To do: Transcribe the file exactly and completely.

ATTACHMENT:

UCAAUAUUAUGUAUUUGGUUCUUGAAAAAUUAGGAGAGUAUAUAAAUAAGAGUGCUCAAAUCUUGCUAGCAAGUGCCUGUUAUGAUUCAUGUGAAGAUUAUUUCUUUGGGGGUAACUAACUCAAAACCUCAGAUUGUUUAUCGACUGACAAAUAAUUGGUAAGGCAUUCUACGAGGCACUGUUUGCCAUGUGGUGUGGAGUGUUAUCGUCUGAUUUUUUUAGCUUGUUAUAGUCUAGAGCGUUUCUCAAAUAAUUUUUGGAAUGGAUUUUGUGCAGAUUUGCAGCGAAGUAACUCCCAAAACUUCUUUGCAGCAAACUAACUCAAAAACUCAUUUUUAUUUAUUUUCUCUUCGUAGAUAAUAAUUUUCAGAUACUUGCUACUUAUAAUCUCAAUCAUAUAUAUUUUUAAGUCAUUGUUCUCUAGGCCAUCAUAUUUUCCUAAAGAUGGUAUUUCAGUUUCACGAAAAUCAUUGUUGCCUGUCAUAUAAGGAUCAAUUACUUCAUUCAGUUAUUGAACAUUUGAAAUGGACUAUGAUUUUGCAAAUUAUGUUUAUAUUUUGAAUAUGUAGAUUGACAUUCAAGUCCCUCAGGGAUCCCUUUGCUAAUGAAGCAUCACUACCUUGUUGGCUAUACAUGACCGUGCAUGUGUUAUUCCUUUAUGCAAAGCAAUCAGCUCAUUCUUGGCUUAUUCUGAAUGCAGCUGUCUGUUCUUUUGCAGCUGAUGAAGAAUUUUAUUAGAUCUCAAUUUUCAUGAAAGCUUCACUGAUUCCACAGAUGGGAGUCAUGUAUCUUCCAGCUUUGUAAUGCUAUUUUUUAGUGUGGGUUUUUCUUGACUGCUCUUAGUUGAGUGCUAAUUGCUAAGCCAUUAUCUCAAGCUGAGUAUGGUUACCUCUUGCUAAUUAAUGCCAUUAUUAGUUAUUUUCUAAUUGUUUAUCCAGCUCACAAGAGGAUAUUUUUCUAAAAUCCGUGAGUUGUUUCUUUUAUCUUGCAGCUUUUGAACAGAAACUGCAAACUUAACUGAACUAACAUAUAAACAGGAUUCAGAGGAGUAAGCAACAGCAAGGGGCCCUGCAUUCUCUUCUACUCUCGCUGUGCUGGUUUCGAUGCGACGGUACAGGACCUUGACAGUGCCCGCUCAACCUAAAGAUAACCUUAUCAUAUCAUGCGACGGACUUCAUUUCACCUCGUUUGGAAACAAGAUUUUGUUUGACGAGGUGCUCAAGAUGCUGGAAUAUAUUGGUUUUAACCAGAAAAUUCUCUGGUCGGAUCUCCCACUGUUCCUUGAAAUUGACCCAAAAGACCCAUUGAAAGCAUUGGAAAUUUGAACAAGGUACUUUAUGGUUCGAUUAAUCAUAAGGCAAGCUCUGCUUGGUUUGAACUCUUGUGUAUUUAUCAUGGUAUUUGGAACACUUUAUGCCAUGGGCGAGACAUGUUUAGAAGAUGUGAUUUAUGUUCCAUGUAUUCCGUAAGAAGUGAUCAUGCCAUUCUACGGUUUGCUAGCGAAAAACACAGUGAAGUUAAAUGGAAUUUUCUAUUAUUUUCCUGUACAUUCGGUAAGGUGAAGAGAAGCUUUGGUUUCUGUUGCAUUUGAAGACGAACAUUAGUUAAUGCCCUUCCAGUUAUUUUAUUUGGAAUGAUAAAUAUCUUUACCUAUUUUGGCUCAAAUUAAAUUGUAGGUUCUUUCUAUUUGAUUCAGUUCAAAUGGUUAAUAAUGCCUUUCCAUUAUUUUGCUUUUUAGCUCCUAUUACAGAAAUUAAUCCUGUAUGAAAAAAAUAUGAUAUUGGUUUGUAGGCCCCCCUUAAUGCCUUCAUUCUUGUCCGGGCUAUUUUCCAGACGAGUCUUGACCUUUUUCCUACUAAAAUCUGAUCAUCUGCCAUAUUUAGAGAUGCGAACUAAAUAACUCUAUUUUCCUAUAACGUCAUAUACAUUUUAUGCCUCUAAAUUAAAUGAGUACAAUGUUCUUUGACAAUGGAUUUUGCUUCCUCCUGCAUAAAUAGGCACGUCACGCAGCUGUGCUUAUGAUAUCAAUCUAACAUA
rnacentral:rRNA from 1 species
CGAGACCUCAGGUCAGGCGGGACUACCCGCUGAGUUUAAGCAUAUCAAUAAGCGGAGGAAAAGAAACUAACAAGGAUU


UCAAUAUUAUGUAUUUGGUUCUUGAAAAAUUAGGAGAGUAUAUAAAUAAGAGUGCUCAAAUCUUGCUAGCAAGUGCCUGUUAUGAUUCAUGUGAAGAUUAUUUCUUUGGGGGUAACUAACUCAAAACCUCAGAUUGUUUAUCGACUGACAAAUAAUUGGUAAGGCAUUCUACGAGGCACUGUUUGCCAUGUGGUGUGGAGUGUUAUCGUCUGAUUUUUUUAGCUUGUUAUAGUCUAGAGCGUUUCUCAAAUAAUUUUUGGAAUGGAUUUUGUGCAGAUUUGCAGCGAAGUAACUCCCAAAACUUCUUUGCAGCAAACUAACUCAAAAACUCAUUUUUAUUUAUUUUCUCUUCGUAGAUAAUAAUUUUCAGAUACUUGCUACUUAUAAUCUCAAUCAUAUAUAUUUUUAAGUCAUUGUUCUCUAGGCCAUCAUAUUUUCCUAAAGAUGGUAUUUCAGUUUCACGAAAAUCAUUGUUGCCUGUCAUAUAAGGAUCAAUUACUUCAUUCAGUUAUUGAACAUUUGAAAUGGACUAUGAUUUUGCAAAUUAUGUUUAUAUUUUGAAUAUGUAGAUUGACAUUCAAGUCCCUCAGGGAUCCCUUUGCUAAUGAAGCAUCACUACCUUGUUGGCUAUACAUGACCGUGCAUGUGUUAUUCCUUUAUGCAAAGCAAUCAGCUCAUUCUUGGCUUAUUCUGAAUGCAGCUGUCUGUUCUUUUGCAGCUGAUGAAGAAUUUUAUUAGAUCUCAAUUUUCAUGAAAGCUUCACUGAUUCCACAGAUGGGAGUCAUGUAUCUUCCAGCUUUGUAAUGCUAUUUUUUAGUGUGGGUUUUUCUUGACUGCUCUUAGUUGAGUGCUAAUUGCUAAGCCAUUAUCUCAAGCUGAGUAUGGUUACCUCUUGCUAAUUAAUGCCAUUAUUAGUUAUUUUCUAAUUGUUUAUCCAGCUCACAAGAGGAUAUUUUUCUAAAAUCCGUGAGUUGUUUCUUUUAUCUUGCAGCUUUUGAACAGAAACUGCAAACUUAACUGAACUAACAUAUAAACAGGAUUCAGAGGAGUAAGCAACAGCAAGGGGCCCUGCAUUCUCUUCUACUCUCGCUGUGCUGGUUUCGAUGCGACGGUACAGGACCUUGACAGUGCCCGCUCAACCUAAAGAUAACCUUAUCAUAUCAUGCGACGGACUUCAUUUCACCUCGUUUGGAAACAAGAUUUUGUUUGACGAGGUGCUCAAGAUGCUGGAAUAUAUUGGUUUUAACCAGAAAAUUCUCUGGUCGGAUCUCCCACUGUUCCUUGAAAUUGACCCAAAAGACCCAUUGAAAGCAUUGGAAAUUUGAACAAGGUACUUUAUGGUUCGAUUAAUCAUAAGGCAAGCUCUGCUUGGUUUGAACUCUUGUGUAUUUAUCAUGGUAUUUGGAACACUUUAUGCCAUGGGCGAGACAUGUUUAGAAGAUGUGAUUUAUGUUCCAUGUAUUCCGUAAGAAGUGAUCAUGCCAUUCUACGGUUUGCUAGCGAAAAACACAGUGAAGUUAAAUGGAAUUUUCUAUUAUUUUCCUGUACAUUCGGUAAGGUGAAGAGAAGCUUUGGUUUCUGUUGCAUUUGAAGACGAACAUUAGUUAAUGCCCUUCCAGUUAUUUUAUUUGGAAUGAUAAAUAUCUUUACCUAUUUUGGCUCAAAUUAAAUUGUAGGUUCUUUCUAUUUGAUUCAGUUCAAAUGGUUAAUAAUGCCUUUCCAUUAUUUUGCUUUUUAGCUCCUAUUACAGAAAUUAAUCCUGUAUGAAAAAAAUAUGAUAUUGGUUUGUAGGCCCCCCUUAAUGCCUUCAUUCUUGUCCGGGCUAUUUUCCAGACGAGUCUUGACCUUUUUCCUACUAAAAUCUGAUCAUCUGCCAUAUUUAGAGAUGCGAACUAAAUAACUCUAUUUUCCUAUAACGUCAUAUACAUUUUAUGCCUCUAAAUUAAAUGAGUACAAUGUUCUUUGACAAUGGAUUUUGCUUCCUCCUGCAUAAAUAGGCACGUCACGCAGCUGUGCUUAUGAUAUCAAUCUAACAUA
rnacentral:rRNA from 1 species
CGAGACCUCAGGUCAGGCGGGACUACCCGCUGAGUUUAAGCAUAUCAAUAAGCGGAGGAAAAGAAACUAACAAGGAUU